Bulgarian Archaeologist Discovers Previously Unknown Ancient Thracian Fortress in Thick Forest along Ropotamo River

The mouth of the Ropotamo River in Southeast Bulgaria, which flows into the Black Sea. The thick semi-tropical forests along the Ropotamo have been hiding the previously unknown Ancient Thracian fortress Pharmakida. Photo: Cross News Agency

The mouth of the Ropotamo River in Southeast Bulgaria, which flows into the Black Sea. The thick semi-tropical forests along the Ropotamo have been hiding the previously unknown Ancient Thracian fortress Pharmakida. Photo: Cross News Agency

An ancient fortress unknown to Bulgarian and international archaeology has been discovered in the thick subtropical forests along the Ropotamo River in Southeast Bulgaria, the National Museum of History in Sofia has announced.

The discovery has been made by Dr. Ivan Hristov, Deputy Director of the National Museum of History, who has also been excavating several other archaeological sites along Bulgaria’s Southern Black Sea coast, including the Talaskara Fortress on Cape Chervenka (Chrisosotira).

The previously unknown fortress, which appears to have been inhabited by Ancient Thracians, has been found in “the jungle of the Ropotamo" River, in the wording of the Museum statement, in the region of the Black Sea resort town of Primorsko.

The newly found fortress has an area of about 3 decares (app. 0.75 acres), and is located on a hill with natural defenses on one of the curves of the Ropotamo River. The surrounding steep rocks make it very hard to reach the stronghold, and it can only be accessed through a narrow wood path whose route leading up to it is guarded by a fortress tower.

The discovery of the fortress was about a week ago (but it has been made public only on Tuesday, June 30, 2015), and Ivan Hristov’s team has already started its archaeological exploration.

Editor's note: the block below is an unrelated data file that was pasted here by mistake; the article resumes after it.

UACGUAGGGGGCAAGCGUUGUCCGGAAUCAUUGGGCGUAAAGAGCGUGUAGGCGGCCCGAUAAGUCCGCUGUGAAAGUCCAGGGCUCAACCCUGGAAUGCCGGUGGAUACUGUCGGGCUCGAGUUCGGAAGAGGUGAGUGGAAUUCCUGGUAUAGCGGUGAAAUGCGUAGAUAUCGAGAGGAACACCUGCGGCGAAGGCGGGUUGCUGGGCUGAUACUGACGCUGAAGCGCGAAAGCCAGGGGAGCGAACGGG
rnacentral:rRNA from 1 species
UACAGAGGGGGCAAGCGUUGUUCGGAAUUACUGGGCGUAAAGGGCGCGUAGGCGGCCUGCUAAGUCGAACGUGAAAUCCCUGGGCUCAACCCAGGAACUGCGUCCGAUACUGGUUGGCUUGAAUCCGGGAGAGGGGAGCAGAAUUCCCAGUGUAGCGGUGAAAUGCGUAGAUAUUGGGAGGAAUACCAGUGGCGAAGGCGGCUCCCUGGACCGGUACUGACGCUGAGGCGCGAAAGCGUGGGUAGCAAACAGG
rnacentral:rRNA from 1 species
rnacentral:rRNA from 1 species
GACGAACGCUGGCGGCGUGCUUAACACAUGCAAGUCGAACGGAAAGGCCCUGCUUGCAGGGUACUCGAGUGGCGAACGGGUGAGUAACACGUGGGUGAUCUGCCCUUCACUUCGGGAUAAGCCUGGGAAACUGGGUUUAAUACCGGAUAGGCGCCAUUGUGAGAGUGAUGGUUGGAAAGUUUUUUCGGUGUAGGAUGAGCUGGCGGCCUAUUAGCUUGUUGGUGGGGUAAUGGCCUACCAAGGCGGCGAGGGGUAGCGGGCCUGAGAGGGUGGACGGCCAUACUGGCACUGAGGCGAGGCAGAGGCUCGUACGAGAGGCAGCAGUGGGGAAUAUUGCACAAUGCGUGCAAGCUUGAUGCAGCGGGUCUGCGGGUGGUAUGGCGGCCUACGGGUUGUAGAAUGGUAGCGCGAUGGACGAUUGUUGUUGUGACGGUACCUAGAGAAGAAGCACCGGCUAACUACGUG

Bulgaria’s National Museum of History and Primorsko Municipality have each pitched in BGN 10,000 (app. EUR 5,100) for the unplanned archaeological excavations of the new fortress. The municipal authorities have also provided heavy machinery to clear the trees covering the fortress, and to build a road leading up to it.

The archaeologists have already unearthed part of the fortress wall, the ruins of homes covered with tiled roofs, and a “weird stone circle". In its center, they have found Ancient Thracian ceramic urns decorated with depictions of bull heads.

Other intriguing discoveries are silver coins of the Ancient Greek colonies of Apollonia Pontica (today’s Sozopol) on the Black Sea coast, and the Maroneia on the Mediterranean coast.

One of the most interesting things about the newly discovered fortress in Southeast Bulgaria is the fact that archaeologist Ivan Hristov has managed to find out its name: it was called Pharmakida which means a “healer" in Ancient Greek.

Hristov has identified the name of the Pharmakida Fortress on old maps of the local forestry service. Even though the name had been marked on the old maps, however, the fortress itself had remained unknown to the science of archaeology until its present discovery.

Bulgaria’s National Museum of History attributes the name Pharmakida to an ancient cult of deities of healing and medicine.

“The cult for healing deities was very strong along Bulgaria’s Southern Black Sea coast. In Sozopol (Apollonia Pontica) god Apollo was worshiped as “Apollo Iyatrus", i.e. “doctor”. Icons in Pomorie, Burgas, and Sozopol depict St. Anastasia with the name Phamacolitia, i.e. “Healer"," explains the Museum statement.

“For the time being, it remains unclear which deity exactly gave its name to the Pharmakida Fortress, a likely ancient predecessor of today’s town of Primorsko. Let’s hope that the excavations will reveal this secret. It is also unclear how and in what way this place, where mosquitoes are literally the size of sparrows, helped the ancient people get better [from their illnesses]," the Museum statement concludes.